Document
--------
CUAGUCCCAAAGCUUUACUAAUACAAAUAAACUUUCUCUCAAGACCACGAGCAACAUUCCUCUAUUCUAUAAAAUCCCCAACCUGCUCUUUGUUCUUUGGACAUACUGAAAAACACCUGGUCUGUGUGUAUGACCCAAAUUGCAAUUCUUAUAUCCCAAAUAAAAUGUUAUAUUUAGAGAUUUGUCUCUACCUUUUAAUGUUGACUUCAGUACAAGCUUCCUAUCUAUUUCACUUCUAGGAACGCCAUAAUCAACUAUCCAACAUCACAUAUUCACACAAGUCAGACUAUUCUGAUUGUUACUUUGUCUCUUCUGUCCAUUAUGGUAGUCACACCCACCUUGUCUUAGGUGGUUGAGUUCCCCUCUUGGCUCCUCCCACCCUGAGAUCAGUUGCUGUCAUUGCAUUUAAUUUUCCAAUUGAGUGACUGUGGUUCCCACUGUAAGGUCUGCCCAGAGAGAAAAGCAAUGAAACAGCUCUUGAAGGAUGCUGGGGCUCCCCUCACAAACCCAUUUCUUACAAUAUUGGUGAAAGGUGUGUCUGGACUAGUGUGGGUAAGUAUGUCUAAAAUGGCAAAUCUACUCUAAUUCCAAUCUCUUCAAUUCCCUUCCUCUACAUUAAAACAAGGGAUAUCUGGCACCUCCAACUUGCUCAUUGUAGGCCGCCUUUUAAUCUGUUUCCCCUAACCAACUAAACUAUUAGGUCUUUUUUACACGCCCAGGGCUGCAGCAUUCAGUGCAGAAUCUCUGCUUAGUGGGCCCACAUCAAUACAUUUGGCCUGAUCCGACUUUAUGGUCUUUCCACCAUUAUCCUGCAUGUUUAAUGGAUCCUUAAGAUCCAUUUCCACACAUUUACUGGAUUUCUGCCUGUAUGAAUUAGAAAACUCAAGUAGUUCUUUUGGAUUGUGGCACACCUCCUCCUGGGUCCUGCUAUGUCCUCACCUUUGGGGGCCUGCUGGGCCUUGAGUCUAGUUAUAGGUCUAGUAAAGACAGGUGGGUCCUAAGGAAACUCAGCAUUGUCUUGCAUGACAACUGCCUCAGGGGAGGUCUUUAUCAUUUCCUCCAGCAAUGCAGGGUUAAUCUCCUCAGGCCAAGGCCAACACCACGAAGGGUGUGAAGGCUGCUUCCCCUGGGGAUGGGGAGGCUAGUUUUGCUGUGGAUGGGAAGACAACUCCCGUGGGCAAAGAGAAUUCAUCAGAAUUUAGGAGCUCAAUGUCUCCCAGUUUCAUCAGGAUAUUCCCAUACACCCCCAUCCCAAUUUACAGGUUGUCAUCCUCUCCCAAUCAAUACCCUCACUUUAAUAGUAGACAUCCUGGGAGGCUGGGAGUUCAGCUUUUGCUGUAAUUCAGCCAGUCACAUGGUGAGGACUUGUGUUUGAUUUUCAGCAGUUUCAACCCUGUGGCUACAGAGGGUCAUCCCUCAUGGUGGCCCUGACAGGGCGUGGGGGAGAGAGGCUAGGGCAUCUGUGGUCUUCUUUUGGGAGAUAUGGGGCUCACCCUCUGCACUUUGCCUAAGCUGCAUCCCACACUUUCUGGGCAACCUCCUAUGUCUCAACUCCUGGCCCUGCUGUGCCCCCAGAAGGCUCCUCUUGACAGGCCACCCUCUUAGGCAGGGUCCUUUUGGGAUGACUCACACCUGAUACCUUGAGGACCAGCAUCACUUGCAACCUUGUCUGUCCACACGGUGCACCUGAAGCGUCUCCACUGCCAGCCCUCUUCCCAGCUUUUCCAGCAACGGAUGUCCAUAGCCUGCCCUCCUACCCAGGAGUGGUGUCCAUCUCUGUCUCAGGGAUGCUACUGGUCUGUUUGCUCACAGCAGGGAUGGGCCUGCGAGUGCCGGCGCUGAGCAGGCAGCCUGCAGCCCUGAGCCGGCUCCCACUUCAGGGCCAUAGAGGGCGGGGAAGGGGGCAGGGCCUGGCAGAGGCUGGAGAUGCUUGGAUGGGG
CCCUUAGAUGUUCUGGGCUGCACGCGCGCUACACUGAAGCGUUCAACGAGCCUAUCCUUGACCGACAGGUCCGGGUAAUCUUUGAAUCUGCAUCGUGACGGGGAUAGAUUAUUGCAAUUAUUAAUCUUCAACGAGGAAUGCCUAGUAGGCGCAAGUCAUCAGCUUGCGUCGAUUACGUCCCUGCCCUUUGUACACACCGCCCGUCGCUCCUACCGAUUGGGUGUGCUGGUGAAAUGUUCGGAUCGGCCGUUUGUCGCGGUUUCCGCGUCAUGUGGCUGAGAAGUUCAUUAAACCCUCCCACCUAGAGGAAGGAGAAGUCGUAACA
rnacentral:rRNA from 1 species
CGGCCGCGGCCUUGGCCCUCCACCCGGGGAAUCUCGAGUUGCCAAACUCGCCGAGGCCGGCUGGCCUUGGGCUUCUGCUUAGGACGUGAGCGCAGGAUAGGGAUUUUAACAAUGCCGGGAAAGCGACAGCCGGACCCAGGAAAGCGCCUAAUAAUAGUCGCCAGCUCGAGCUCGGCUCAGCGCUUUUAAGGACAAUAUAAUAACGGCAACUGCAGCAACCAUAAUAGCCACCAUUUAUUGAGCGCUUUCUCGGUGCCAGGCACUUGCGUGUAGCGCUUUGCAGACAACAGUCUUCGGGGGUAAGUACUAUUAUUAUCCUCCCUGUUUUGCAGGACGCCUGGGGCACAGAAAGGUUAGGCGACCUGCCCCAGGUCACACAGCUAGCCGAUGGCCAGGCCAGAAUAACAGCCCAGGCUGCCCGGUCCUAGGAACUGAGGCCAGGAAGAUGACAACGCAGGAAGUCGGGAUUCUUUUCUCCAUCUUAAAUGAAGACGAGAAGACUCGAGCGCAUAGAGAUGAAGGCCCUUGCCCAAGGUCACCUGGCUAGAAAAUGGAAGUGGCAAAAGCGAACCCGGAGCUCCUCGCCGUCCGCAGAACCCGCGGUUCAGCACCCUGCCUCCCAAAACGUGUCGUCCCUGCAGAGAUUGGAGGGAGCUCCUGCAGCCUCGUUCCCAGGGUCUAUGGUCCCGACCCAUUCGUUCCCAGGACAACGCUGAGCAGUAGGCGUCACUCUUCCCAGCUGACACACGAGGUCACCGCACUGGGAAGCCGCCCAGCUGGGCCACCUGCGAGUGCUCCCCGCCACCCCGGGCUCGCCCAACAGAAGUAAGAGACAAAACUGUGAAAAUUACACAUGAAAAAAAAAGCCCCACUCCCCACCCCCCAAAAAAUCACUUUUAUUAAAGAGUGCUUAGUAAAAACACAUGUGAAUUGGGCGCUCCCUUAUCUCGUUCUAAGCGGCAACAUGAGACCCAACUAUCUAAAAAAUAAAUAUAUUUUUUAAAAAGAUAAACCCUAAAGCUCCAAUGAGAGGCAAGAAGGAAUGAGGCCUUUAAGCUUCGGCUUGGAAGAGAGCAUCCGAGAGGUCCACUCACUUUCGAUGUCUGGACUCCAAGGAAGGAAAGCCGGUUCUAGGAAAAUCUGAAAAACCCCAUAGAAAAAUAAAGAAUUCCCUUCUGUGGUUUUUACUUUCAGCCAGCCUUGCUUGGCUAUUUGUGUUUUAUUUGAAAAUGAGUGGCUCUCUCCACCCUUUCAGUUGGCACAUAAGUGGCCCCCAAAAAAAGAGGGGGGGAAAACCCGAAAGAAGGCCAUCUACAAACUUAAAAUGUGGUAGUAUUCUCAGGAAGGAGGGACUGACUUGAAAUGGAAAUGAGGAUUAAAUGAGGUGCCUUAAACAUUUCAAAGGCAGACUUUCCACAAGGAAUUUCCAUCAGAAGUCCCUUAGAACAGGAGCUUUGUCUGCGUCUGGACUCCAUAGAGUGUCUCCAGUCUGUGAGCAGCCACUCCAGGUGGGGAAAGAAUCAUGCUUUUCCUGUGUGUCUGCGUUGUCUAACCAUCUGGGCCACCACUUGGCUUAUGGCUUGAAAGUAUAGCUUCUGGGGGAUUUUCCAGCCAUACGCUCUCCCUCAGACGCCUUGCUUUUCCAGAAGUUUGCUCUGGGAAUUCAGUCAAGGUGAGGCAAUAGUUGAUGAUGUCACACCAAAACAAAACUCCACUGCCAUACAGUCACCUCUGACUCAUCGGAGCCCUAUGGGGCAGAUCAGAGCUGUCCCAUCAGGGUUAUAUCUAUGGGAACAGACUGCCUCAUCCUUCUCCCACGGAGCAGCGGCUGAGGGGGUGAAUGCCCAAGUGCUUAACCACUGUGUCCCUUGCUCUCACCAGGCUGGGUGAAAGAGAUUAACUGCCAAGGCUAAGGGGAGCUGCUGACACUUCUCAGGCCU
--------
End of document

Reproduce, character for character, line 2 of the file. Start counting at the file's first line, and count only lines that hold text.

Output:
CCCUUAGAUGUUCUGGGCUGCACGCGCGCUACACUGAAGCGUUCAACGAGCCUAUCCUUGACCGACAGGUCCGGGUAAUCUUUGAAUCUGCAUCGUGACGGGGAUAGAUUAUUGCAAUUAUUAAUCUUCAACGAGGAAUGCCUAGUAGGCGCAAGUCAUCAGCUUGCGUCGAUUACGUCCCUGCCCUUUGUACACACCGCCCGUCGCUCCUACCGAUUGGGUGUGCUGGUGAAAUGUUCGGAUCGGCCGUUUGUCGCGGUUUCCGCGUCAUGUGGCUGAGAAGUUCAUUAAACCCUCCCACCUAGAGGAAGGAGAAGUCGUAACA